In the illustrative embodiments shown in FIGS. 1-5, a cutting head 10, used for trimming and edging, is supported on the frame F of the mower by a mounting assembly, FIGS. 1 and 3, which comprises a bracket 12 bolted to the frame in upright position. The bracket 12 supports a vertical post 14, which is maintained rigidly fixed with respect to the frame, and which in turn supports a sleeve 16 which is slidable and rotatable on the post for the purposes hereinafter explained. When a desired position for the sleeve 16 on the post 14 has been selected, a butterfly screw 18 is tightened to maintain that position. The sleeve 16 in turn supports the inner end of a rod 20 extending radially from it and having an outer end which supports a hollow boss 22 which is fixed to the cutting head 10 and supports it, the boss having a locking screw 24 which can be tightened manually to fix the angle of tilt of the head 10 and boss 22 on the outer end of the rod 20, FIG. 3. With the cutting head thus supported, it can be raised or lowered by adjusting the height of the sleeve 16 on the post 14; it can be moved in horizontal angular position with respect to the mower frame F by rotating the sleeve 16 about the post 14; and it can be angularly tilted by rotating the boss 22 about the rod 20. The head 10 can also be completely removed from the rod 20 after loosening the locking screw 24.
The cutting head 10 structure will be described in greater detail with reference to FIGS. 4 and 7. In the embodiment shown in FIGS. 1-3 and 8, it has a flexible drive cable 26 extending upwardly out of it and having an internal rotating core 28 which connects into the rotating spindle 30 of the head 10, as shown in FIG. 8. The lower end of the spindle 30 is tapped at 32 to receive a screw 34 and washer 36 to hold two circular cutting head discs 38 and 40 against the spindle 30. The discs 38 and 40 have aligned holes to receive one or more pins 42 (one shown), each of which pivotally supports a flail member filament 44, preferably a plastic monofilament. As shown in FIGS. 1, 3 and 5, the cutting head 10, discs 38 and 40, and flail member can be rotated from a horizontal cutting plane position (shown in solid lines) to a vertical cutting plane position (shown in dashed lines) or to any intermediate inclined position therebetween.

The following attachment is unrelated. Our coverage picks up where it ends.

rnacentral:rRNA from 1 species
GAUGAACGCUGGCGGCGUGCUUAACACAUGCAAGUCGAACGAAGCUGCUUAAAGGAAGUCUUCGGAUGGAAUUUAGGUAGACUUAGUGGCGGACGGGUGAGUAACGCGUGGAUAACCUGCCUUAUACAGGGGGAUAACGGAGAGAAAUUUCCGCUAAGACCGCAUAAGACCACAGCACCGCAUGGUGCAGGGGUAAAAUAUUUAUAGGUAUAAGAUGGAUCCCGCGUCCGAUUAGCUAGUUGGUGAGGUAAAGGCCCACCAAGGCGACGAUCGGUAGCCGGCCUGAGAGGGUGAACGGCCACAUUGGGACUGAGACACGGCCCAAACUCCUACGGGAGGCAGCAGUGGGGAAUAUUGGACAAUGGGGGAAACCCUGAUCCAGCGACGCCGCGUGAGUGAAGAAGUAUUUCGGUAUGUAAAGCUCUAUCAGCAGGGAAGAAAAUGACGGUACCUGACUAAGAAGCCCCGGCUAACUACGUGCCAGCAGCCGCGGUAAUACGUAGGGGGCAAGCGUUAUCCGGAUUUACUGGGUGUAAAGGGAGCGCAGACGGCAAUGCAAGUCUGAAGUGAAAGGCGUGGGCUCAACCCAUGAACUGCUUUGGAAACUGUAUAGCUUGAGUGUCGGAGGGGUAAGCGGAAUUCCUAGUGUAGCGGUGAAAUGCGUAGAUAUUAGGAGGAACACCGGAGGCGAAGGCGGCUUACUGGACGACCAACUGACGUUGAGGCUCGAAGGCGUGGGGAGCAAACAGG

The drive end 50 of the cable 26, FIG. 2, is fixed in a support plate 52 which is articulated to a mounting plate 54 by a pivot 56. Below the support plate 52 is journaled a drive wheel 56 that is connected to the rotating core 28 of the drive cable 26. The mounting plate 54 is screwed to the top of the housing of the engine E, and also supports in a conventional manner the lower end of a Bowden wire control cable 60, whose upper end terminates in a control assembly having a control arm 62, all of conventional design. In the presently discussed embodiment, the drive disc 64 is mounted either on the engine flywheel (not shown), or on the end of the shaft S as shown in FIG. 2, as may be convenient, and rotates with the engine E adjacent to the drive wheel 56. When the control arm 62 is moved back and forth, the Bowden wire 60 rotates the support plate 52 about the pivot 56 and mcves the drive wheel 56 into or out of engagement with the drive disc 64, either to drive the cable 26, or to leave it undriven, depending on the position of the control arm 62. The drive disc 64 may be made of rubber, or its periphery may have a rubber ring 66 around it to provide non-slipping drive to the drive wheel 56 when engaged with it. The ratio of the diameters of the drive disc 64 and the drive wheel 56 are selected to provide high speed rotation to the cutting head discs 38 and 40 to provide sufficient centrifugal force to keep the flail member filament 44 well extended.